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fore, our enmity to God does not arise merely from conceiving God to be our enemy. Here let these things be considered:

1. If our enmity against God arises merely from conceiving him to be our enemy, if we have no contrariety of heart to God, but what arises merely from conceiving that he dislikes us; then God's dislike to us must have taken place while we were perfectly holy. Or our belief that God is our enemy, is a groundless sentiment, originally injected into the human mind by the devil, the father of lies, as Mr. Sandeman supposes; but for which, we should naturally love God, be perfectly pleased with his character, and from our childhood grow up truly friendly to him. And if either of these be true, then,

2. In order to our reconciliation to God, we need not to be born again; we need no change of nature; we only need to believe that God is become our friend: and so we may be reconciled to God by this belief. For it is an old maxim, remove the cause and the effect will cease. And in this view the old Antinomian scheme, relative to total depravity and regeneration, is consistent. This faith, therefore, is the first act. And by this faith we are regenerated: that is, a belief of God's

him or hate him, or to have any exercise of heart relative to him. God is not in all their thoughts. They never hated him in their lives, they will tell you; nor did they ever feel any love to him, or delight in him. The divine character, as yet, never came near enough to their view to give them pleasure or pain. The fool saith in his heart, there is no God. They wonder, therefore, what can be meant by the apostle's words, The carnal mind is enmity against God. Surely, say they, he does not mean, that every natural man hates God, for I never hated him in my life. For let our sinful nature be ever so contrary to God's holy nature, yet the contrariety will not be felt until the true and real character of the Holy One of Israel begins to come into clear view. For without the law sin was dead: but when the commandment came, sin revived. This contrariety which is between our sinful nature and God's holy nature, is the thing chiefly intended in the text. And the sense is, " The carnal mind is contrariety to the holy nature of God, as appears from this, that it is not subject to that law, which is a transcript of God's moral character, neither indeed can be, which proves the contrariety to be total, and fixed. And as the tree, such is the fruit; so then, they that are in the flesh cannot please God. For God cannot be pleased with what is contrary to his own holy nature. And therefore, upon the whole, to be carnally minded, is death." Which was the point to be proved. See Rom. vül. 6, 7, 8, 9.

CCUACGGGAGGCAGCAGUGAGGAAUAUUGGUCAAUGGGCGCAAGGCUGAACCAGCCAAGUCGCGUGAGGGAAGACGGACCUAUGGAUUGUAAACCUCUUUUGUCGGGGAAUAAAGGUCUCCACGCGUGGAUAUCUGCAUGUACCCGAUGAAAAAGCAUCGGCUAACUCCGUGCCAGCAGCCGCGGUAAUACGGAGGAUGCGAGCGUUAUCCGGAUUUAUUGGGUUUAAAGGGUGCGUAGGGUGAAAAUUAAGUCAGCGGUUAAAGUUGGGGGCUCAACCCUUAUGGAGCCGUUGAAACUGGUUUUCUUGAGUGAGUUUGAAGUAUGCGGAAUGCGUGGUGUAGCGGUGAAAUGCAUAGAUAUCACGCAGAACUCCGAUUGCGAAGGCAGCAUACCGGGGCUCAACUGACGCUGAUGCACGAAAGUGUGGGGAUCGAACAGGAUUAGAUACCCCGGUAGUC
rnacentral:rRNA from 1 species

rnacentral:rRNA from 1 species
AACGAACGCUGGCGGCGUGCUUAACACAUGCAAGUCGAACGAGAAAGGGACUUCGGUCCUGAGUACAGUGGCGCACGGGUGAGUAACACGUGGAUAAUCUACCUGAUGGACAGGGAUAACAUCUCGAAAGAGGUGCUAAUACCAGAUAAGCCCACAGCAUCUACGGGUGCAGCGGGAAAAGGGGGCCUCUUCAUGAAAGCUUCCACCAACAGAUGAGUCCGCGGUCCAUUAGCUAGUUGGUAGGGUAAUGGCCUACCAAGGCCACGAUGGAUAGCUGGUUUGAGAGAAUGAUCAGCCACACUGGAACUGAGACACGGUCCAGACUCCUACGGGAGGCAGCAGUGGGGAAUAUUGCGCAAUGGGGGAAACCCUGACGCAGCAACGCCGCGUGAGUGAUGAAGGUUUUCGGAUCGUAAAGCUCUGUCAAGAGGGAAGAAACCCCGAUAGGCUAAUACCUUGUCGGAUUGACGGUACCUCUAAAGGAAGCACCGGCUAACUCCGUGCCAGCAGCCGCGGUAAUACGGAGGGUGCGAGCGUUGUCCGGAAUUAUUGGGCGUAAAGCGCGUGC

love to us, removes the grounds of our enmity to him, and begets love, repentance, and every Christian grace.

Mr. Sandeman's scheme, which is nothing else than the old Antinomian scheme refined, and dressed up in a new attire, teaches, that the truth to be believed in justifying faith, is, that there is forgiveness with God through the atonement for impenitent sinners.' A belief of this begets hope, and love, and repentance, and every Christian grace. For on his scheme, forgiveness takes place before repentance, as it does necessarily on the Antinomian scheme, whatever shape it assumes. For on this scheme, as our enmity against God arises from conceiving God to be our enemy; so our love arises from conceiving God to be our friend. And therefore we must first of all conceive God to be our friend, before love can exist; and so before repentance can exist. And so justification must necessarily take place before repentance. This is a difficulty which neither the more ancient nor the later Antinomian writers know how to get rid of.

And thus faith, even that faith by which we are justified, takes place, in order of nature, before regeneration. For it is the cause of it. But the cause, in order of nature, is always before the effect. But if faith takes place before regeneration, it is in its own nature not a holy, but a graceless, unregenerate act. For it is the act of a graceless unregenerate heart. And so faith is not a saving grace, but a saving sin. But can we be married to a holy Saviour by an unholy act? By an act in its own nature, perfectly opposite to his mediatorial character? Can we receive Christ by an act of rejection? Can we be united to Christ by an act of disunion? Can we become one with Christ by an act of sin?-Perhaps it may be thought that Mr. Sandeman gets rid of this difficulty, by teaching that faith is not an act; that there is no volition, or exercise of heart implied in it. But nothing is gained, if, while we avoid one difficulty, we run upon another as great. For, if it is not un act ; if no volition or exercise of heart is implied in it, then we are married to Christ, without our consent;' just as Mr. Mather supposes that the Israelites, on the plains of Moab, were taken into covenant, without their consent.' But this is inconsistent with the very notion of


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marriage; which is a transaction which implies the mutual consent of both parties. And therefore, on this scheme, the marriage union, as it takes place among mankind, could not be used, with any propriety, to represent our union to Christ by faith. For if the soul is married to Christ at all, the consent of our hearts must be implied. Or to use Mr. Stoddard's words, when the soul marries to Christ, he doth it with a spirit of love; this act of faith doth include all other graces. It is virtually all grace.' Nature of conversion, p. 19-24. See Rom. vii. 4. 2 Cor. xi. 2. Eph. v. 19. 30. John xvi. 27. But can we be married to Christ by an act of sin? But if justifying faith is the act of an unregenerate heart, dead in sin, totally depraved, then it is an act of sin. For as is the tree, such is the fruit; as is the fountain, such are the streams; as is the heart, such are its acts. Besides,